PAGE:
His military background meant that MP Laurie Hawn was involved in some of the most heated Commons debates on matters such as the torture of Afghan detainees, the treatment of veterans and the purchase of new fighter jets.
The Edmonton Tory, who announced this week he will not seek re-election, was often the government’s key attacker in the parliamentary committees he sat on. With a suffer-no-fools style, he would question the credibility of witnesses and correct what he saw as mistakes in the public record.
But as he looks towards retirement, Hawn says he’s concerned about a general decline of civility in Parliament over the eight years he’s been in Ottawa.
“It’s no secret, obviously Parliament has been combative,” said the 66-year-old former lieutenant-colonel in the Royal Canadian Air Force. “Parliament’s always combative and it should be that way. But it should be measured, it should be respectful, it should be rational.
“I think we’ve gotten away from that, to a greater extent than I would like.”
Other MPs and leaders, from one-time Reform party leader Preston Manning to the late NDP leader Jack Layton have made similar observations over the years. Three successive minority governments from 2004 to 2011 seemed only to sharpen the tone around Parliament Hill.
Prime Minister Stephen Harper and his office were criticized last month when they did not invite opposition MPs on a trip to Ukraine, saying they did not deserve to be included.
Hawn was one of a number MPs who refused to mail out a pamphlet attacking Liberal Leader Justin Trudeau to his constituents last year.
Hawn doesn’t lay the blame for the lack of civility on any particular party, or expect any particular leader to produce a solution.
“I think it does come down to individuals thinking about what they’re doing and saying every day and just the simple things. People fire a shot, a nasty shot, instead of just saying, ‘Well you know what, maybe they’ve got some good ideas’,” said Hawn.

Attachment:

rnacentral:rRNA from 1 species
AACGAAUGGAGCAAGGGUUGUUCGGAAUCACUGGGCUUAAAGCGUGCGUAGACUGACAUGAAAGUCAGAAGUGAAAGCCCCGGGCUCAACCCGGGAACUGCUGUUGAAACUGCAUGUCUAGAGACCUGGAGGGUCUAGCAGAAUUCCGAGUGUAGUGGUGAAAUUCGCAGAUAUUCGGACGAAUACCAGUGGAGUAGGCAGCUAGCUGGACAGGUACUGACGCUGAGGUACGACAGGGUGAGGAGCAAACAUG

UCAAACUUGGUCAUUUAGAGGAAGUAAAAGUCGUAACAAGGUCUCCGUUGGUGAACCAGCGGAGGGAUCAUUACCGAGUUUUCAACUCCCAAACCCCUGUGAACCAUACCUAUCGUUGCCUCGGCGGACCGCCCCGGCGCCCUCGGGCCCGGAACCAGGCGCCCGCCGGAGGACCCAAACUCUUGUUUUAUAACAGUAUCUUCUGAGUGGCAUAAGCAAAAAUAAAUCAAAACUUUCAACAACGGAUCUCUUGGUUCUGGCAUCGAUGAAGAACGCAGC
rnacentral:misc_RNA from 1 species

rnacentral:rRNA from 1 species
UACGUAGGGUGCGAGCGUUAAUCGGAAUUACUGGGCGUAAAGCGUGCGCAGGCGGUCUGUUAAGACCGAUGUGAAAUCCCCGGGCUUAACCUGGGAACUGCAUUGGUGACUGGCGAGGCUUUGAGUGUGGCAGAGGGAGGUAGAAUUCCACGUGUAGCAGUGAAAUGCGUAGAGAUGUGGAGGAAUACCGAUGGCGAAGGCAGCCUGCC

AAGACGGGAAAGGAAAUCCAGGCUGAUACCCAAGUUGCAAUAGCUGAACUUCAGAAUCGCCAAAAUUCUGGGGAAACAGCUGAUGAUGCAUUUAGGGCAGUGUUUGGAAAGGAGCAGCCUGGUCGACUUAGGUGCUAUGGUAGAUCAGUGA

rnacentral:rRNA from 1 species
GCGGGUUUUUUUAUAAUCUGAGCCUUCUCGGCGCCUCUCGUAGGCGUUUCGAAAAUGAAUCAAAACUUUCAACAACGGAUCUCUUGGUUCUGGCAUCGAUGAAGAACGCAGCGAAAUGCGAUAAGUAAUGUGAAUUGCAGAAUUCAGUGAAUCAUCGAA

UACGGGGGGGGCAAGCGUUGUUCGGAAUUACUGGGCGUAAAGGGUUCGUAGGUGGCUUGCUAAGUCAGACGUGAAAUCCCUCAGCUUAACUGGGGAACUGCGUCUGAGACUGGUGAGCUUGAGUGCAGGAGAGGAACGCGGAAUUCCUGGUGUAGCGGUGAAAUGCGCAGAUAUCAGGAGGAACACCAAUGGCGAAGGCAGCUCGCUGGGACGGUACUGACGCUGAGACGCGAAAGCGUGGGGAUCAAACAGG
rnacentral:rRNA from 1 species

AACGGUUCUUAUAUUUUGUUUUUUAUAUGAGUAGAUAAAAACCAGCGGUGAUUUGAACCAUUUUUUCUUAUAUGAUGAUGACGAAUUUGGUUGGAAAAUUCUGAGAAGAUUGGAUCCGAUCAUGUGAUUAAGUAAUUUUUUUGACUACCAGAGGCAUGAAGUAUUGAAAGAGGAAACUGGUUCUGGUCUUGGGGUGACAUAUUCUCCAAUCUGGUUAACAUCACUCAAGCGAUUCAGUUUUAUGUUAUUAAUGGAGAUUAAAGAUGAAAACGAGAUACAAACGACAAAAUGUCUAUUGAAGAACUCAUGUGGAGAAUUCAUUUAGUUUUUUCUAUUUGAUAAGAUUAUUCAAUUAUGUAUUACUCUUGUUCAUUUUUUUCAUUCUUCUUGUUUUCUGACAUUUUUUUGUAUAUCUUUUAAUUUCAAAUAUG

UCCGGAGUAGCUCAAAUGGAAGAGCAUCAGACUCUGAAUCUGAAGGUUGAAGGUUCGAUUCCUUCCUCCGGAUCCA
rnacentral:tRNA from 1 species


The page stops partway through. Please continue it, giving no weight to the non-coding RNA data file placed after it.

“I’ve always said, the opposition aren’t stupid people, we’re all here for the same reason, they all came to Ottawa to make a positive difference and we all want to get essentially to the same destination ... we argue about the road we’re on to get there.”
Behind the scenes, Hawn says there has actually been decent camaraderie among MPs of different stripes, but question period isn’t the best place to detect that.
“I can say that in the veterans affairs committee we do have good discussions and we don’t all read from talking points ...
“It is very free-flowing and we do have good co-operation across the floor.”
Hawn says he feels serene about his decision to leave federal politics, just as he did after he decided to leave the military. He is awaiting the birth this month of his second grandchild.
“The best part of the job is the people and the worst part of the job is the people,” says Hawn.
“Dealing with constituents and being able to solve local problems for constituents, that feels good – when you get stopped on the street and somebody says out of the blue, ‘Hey, thanks very much for fixing my problem or for doing a good job’.”
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